Pregnancy: Brief Report
Orofacial clefts, particularly cleft lip with or without cleft palate (CL/P) are among the most common congenital malformations worldwide.1 Many studies have suggested a positive association between maternal smoking and the risk of CL/P.2 Few studies, however, have investigated the effect of passive smoking on risk of CL/P. In China, about two-thirds of Chinese adult men are regular smokers, whereas few Chinese women smoke; therefore women's passive smoking is widespread.3 We examined the association between maternal passive smoking and the risk of CL/P in a Chinese population with high prevalence of orofacial clefts (about 3/1000).4
Data came from a population-based case-control study of external malformations in 4 counties (Pingding, Xiyang, Taigu, Zezhou) of Shanxi Province in China, which has been described elsewhere.5 Briefly, cases were live born or stillborn infants with major external birth defects identified by an active surveillance system. Controls were infants without identified malformations, matched to cases by county, sex, maternal ethnic group, and approximate date of conception. Exposure information was collected by trained health workers through face-to-face interviews within 1 week after delivery. The study was approved by the Institutional Review Board of Peking University Health Science Center.
For this analysis, we used data collected between January 2003 and December 2006. The cases were liveborn or stillborn infants assigned in the surveillance system an ICD-9 diagnosis of 749.1 (cleft lip) or 749.2 (cleft lip and palate). All cases were reviewed by 3 pediatricians at Peking University Health Science Center. Passive smoking was defined as exposure to smoking on average at least once per week and at least 1 cigarette each time, from other people at home or in public places, from 1 month before to 2 months after pregnancy. For women who reported passive smoking, we also investigated the frequency of the passive smoking. To increase the power of this study, all controls, including controls for other external malformations as well as controls for CL/P, were compared with CL/P cases. We excluded infants of women who reported active smoking during the periconceptional period. Risks were estimated by the odds ratio (OR) and its 95% confidence interval (95% CI). Multivariable logistic regression was used to estimate the adjusted OR. Potential confounders adjusted for in the analysis included the matching variables (infant sex, season of conception, resident county), plus maternal age, education, occupation, gravidity, parity, history of birth defect in a previous pregnancy, flu or fever in early pregnancy, and periconceptional folic acid use. Maternal occupation, periconceptional flu or fever and infant sex were included in the final model. Data analysis was carried out using SPSS 11.5 (SPSS, Chicago, IL).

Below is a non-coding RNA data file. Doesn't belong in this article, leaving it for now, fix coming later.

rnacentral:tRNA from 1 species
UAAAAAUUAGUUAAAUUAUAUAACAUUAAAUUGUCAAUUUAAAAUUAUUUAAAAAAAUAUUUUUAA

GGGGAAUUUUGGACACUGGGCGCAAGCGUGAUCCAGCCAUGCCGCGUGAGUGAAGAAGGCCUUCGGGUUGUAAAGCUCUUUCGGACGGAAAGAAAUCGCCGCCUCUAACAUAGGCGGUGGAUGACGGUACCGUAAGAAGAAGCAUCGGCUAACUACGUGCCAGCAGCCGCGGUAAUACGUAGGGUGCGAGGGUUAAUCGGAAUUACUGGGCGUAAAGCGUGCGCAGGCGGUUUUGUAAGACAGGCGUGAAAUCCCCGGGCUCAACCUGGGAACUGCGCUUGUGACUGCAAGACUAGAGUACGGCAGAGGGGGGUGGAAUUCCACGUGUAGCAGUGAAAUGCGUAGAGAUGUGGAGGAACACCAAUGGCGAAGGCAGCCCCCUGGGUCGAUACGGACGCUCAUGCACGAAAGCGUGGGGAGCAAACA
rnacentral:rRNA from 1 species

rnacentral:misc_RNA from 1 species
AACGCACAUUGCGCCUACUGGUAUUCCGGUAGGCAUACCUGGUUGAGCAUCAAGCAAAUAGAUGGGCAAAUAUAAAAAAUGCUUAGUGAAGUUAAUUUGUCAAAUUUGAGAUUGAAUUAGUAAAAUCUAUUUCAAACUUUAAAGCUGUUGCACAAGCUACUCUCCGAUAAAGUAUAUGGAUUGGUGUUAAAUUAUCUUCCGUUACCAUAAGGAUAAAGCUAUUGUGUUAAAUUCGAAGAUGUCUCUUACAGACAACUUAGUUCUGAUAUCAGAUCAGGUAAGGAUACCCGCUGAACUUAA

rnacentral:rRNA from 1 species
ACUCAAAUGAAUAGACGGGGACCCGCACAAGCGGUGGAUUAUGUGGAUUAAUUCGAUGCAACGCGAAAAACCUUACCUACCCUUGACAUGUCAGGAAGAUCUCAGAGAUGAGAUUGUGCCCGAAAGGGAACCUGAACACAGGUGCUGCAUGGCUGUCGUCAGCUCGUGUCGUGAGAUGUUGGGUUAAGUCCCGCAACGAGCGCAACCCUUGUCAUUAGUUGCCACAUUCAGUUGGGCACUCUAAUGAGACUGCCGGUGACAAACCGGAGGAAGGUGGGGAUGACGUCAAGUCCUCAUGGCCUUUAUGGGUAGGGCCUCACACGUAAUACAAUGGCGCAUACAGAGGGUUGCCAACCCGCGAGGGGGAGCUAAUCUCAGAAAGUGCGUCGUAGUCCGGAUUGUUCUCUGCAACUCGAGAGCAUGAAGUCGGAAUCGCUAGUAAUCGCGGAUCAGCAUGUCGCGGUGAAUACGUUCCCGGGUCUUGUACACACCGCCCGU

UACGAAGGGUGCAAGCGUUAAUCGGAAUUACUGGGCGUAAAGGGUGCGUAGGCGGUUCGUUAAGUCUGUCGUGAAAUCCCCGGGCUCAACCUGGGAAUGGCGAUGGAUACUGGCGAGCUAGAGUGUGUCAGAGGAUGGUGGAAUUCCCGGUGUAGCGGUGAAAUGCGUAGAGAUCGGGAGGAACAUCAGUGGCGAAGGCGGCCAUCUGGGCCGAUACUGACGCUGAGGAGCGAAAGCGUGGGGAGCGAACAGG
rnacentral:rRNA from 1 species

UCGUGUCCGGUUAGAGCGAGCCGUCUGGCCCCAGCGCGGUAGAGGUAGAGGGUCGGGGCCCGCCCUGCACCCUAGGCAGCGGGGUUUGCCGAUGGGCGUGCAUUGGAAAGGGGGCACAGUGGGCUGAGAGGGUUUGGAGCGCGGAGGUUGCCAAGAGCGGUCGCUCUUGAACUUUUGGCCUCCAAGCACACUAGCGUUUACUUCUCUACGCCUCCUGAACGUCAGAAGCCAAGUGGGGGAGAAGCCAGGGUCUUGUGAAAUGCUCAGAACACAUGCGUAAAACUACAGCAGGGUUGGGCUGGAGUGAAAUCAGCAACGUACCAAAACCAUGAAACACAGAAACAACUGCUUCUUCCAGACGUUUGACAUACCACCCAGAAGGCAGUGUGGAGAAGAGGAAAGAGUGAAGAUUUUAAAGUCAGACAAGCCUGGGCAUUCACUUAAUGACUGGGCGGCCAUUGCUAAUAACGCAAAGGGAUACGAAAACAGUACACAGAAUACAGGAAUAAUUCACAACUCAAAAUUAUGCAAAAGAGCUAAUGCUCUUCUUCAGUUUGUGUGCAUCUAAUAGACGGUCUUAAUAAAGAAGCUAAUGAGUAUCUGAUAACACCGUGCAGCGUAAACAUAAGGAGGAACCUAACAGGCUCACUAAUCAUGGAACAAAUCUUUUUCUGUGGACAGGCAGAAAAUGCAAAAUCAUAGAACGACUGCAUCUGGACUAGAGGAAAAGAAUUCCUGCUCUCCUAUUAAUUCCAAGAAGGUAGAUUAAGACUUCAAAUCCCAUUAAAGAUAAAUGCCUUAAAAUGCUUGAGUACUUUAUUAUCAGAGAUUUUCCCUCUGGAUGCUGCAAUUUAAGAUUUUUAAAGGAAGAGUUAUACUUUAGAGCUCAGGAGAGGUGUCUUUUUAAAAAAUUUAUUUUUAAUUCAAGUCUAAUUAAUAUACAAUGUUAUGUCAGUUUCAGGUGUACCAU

We collected questionnaires for 89 CL/P cases and 680 controls. Participation was about 70% for cases and 90% for controls. We excluded 1 case and 23 controls whose mother reported active smoking during the periconceptional period or did not report smoking status. We further excluded 2 infants because of missing data on maternal passive smoking, and 4 infants whose mother was not Han ethnicity, the largest ethnic group in China. This left 88 cases and 651 controls in the final analysis. Nine cases (10%) had other major external malformations.
Case mothers were less likely to be farmers and more likely to have had a periconceptional flu or fever than control mothers. Infants with CL/P were more often boys compared with control infants. The distribution of other characteristics was similar for the 2 groups (Table 1). The OR of CL/P with maternal passive smoking was 1.8 (95% CI = 1.1–2.8). After adjustment for maternal occupation, periconceptional flu or fever and infant sex, the OR was 2.0 (1.2–3.4). There was a positive dose-response relationship between exposure frequency and the risk of CL/P: adjusted ORs were 1.6 and 2.8 for exposure frequencies of 1–6 times per week and more than 6 times per week, respectively (P for trend = 0.0012, Table 2). The adjusted ORs were slightly higher among boys (2.3 [1.2–4.5]) than among girls (1.7 [0.8–3.9]). Neither the exclusion of the 9 CL/P cases with other malformations or exclusion of subjects with missing covariates in multivariable analyses changed the results substantially (not shown).